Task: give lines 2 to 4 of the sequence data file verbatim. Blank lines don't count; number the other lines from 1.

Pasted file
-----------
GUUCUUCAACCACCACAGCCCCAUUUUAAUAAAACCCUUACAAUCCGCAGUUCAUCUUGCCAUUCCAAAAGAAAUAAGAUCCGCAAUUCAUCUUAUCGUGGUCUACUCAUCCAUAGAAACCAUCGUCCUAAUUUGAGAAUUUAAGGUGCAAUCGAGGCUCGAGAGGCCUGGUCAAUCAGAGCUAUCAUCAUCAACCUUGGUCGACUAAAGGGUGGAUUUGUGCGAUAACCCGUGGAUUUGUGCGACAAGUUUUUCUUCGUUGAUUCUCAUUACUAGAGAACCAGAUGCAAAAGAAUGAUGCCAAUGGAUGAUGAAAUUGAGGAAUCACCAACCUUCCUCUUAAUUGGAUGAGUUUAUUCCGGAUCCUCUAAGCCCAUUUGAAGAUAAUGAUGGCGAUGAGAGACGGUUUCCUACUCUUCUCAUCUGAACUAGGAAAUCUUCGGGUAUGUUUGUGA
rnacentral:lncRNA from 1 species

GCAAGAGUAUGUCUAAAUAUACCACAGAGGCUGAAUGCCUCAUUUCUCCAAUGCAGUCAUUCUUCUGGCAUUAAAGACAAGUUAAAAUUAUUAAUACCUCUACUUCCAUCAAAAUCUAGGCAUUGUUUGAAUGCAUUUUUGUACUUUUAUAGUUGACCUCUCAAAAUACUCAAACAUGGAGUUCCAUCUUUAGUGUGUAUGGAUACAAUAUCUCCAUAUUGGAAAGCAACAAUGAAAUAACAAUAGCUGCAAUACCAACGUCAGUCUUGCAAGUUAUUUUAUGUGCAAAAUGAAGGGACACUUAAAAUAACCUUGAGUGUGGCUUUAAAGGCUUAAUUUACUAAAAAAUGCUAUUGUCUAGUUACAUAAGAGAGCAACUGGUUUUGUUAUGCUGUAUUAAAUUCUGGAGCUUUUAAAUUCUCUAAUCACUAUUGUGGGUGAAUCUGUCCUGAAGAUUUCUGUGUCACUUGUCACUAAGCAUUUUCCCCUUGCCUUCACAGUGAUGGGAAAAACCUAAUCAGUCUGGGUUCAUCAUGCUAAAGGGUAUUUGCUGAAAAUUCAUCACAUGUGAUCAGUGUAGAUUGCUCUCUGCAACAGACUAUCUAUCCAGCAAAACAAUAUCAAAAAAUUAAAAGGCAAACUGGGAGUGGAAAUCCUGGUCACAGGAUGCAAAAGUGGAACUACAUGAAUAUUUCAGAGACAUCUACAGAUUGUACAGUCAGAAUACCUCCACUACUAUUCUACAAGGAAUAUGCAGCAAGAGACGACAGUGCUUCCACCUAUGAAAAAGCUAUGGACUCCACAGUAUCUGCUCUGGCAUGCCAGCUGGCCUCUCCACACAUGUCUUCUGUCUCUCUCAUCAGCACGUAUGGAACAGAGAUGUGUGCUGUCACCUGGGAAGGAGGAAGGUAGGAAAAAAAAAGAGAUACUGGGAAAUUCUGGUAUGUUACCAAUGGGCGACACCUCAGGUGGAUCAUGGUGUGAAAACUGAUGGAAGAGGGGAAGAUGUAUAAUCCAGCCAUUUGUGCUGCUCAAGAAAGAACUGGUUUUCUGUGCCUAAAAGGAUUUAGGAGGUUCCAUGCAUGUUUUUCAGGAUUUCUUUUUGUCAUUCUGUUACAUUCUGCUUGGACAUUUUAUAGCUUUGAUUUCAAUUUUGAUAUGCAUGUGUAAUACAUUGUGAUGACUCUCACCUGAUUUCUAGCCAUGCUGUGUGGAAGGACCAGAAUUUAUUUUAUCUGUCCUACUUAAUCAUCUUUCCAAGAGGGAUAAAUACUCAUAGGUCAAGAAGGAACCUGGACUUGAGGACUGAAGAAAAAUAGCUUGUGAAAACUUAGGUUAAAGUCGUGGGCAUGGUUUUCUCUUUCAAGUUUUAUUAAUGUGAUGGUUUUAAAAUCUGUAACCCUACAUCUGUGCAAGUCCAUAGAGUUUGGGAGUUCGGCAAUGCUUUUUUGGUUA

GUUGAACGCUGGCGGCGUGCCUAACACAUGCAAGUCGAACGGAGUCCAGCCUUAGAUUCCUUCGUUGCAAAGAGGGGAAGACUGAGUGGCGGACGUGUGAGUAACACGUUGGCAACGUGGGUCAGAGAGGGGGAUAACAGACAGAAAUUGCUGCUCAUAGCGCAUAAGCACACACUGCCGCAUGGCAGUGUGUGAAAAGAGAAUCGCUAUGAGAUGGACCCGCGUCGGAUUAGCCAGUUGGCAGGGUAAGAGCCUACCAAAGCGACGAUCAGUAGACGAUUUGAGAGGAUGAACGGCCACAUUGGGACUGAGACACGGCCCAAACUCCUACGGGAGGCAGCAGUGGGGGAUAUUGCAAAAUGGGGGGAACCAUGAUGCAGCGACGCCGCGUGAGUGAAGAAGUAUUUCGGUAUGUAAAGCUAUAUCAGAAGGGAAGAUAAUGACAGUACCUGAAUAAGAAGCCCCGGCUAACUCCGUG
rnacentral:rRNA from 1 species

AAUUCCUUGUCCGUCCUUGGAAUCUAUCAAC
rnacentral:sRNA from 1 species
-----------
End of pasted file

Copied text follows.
rnacentral:lncRNA from 1 species

GCAAGAGUAUGUCUAAAUAUACCACAGAGGCUGAAUGCCUCAUUUCUCCAAUGCAGUCAUUCUUCUGGCAUUAAAGACAAGUUAAAAUUAUUAAUACCUCUACUUCCAUCAAAAUCUAGGCAUUGUUUGAAUGCAUUUUUGUACUUUUAUAGUUGACCUCUCAAAAUACUCAAACAUGGAGUUCCAUCUUUAGUGUGUAUGGAUACAAUAUCUCCAUAUUGGAAAGCAACAAUGAAAUAACAAUAGCUGCAAUACCAACGUCAGUCUUGCAAGUUAUUUUAUGUGCAAAAUGAAGGGACACUUAAAAUAACCUUGAGUGUGGCUUUAAAGGCUUAAUUUACUAAAAAAUGCUAUUGUCUAGUUACAUAAGAGAGCAACUGGUUUUGUUAUGCUGUAUUAAAUUCUGGAGCUUUUAAAUUCUCUAAUCACUAUUGUGGGUGAAUCUGUCCUGAAGAUUUCUGUGUCACUUGUCACUAAGCAUUUUCCCCUUGCCUUCACAGUGAUGGGAAAAACCUAAUCAGUCUGGGUUCAUCAUGCUAAAGGGUAUUUGCUGAAAAUUCAUCACAUGUGAUCAGUGUAGAUUGCUCUCUGCAACAGACUAUCUAUCCAGCAAAACAAUAUCAAAAAAUUAAAAGGCAAACUGGGAGUGGAAAUCCUGGUCACAGGAUGCAAAAGUGGAACUACAUGAAUAUUUCAGAGACAUCUACAGAUUGUACAGUCAGAAUACCUCCACUACUAUUCUACAAGGAAUAUGCAGCAAGAGACGACAGUGCUUCCACCUAUGAAAAAGCUAUGGACUCCACAGUAUCUGCUCUGGCAUGCCAGCUGGCCUCUCCACACAUGUCUUCUGUCUCUCUCAUCAGCACGUAUGGAACAGAGAUGUGUGCUGUCACCUGGGAAGGAGGAAGGUAGGAAAAAAAAAGAGAUACUGGGAAAUUCUGGUAUGUUACCAAUGGGCGACACCUCAGGUGGAUCAUGGUGUGAAAACUGAUGGAAGAGGGGAAGAUGUAUAAUCCAGCCAUUUGUGCUGCUCAAGAAAGAACUGGUUUUCUGUGCCUAAAAGGAUUUAGGAGGUUCCAUGCAUGUUUUUCAGGAUUUCUUUUUGUCAUUCUGUUACAUUCUGCUUGGACAUUUUAUAGCUUUGAUUUCAAUUUUGAUAUGCAUGUGUAAUACAUUGUGAUGACUCUCACCUGAUUUCUAGCCAUGCUGUGUGGAAGGACCAGAAUUUAUUUUAUCUGUCCUACUUAAUCAUCUUUCCAAGAGGGAUAAAUACUCAUAGGUCAAGAAGGAACCUGGACUUGAGGACUGAAGAAAAAUAGCUUGUGAAAACUUAGGUUAAAGUCGUGGGCAUGGUUUUCUCUUUCAAGUUUUAUUAAUGUGAUGGUUUUAAAAUCUGUAACCCUACAUCUGUGCAAGUCCAUAGAGUUUGGGAGUUCGGCAAUGCUUUUUUGGUUA

GUUGAACGCUGGCGGCGUGCCUAACACAUGCAAGUCGAACGGAGUCCAGCCUUAGAUUCCUUCGUUGCAAAGAGGGGAAGACUGAGUGGCGGACGUGUGAGUAACACGUUGGCAACGUGGGUCAGAGAGGGGGAUAACAGACAGAAAUUGCUGCUCAUAGCGCAUAAGCACACACUGCCGCAUGGCAGUGUGUGAAAAGAGAAUCGCUAUGAGAUGGACCCGCGUCGGAUUAGCCAGUUGGCAGGGUAAGAGCCUACCAAAGCGACGAUCAGUAGACGAUUUGAGAGGAUGAACGGCCACAUUGGGACUGAGACACGGCCCAAACUCCUACGGGAGGCAGCAGUGGGGGAUAUUGCAAAAUGGGGGGAACCAUGAUGCAGCGACGCCGCGUGAGUGAAGAAGUAUUUCGGUAUGUAAAGCUAUAUCAGAAGGGAAGAUAAUGACAGUACCUGAAUAAGAAGCCCCGGCUAACUCCGUG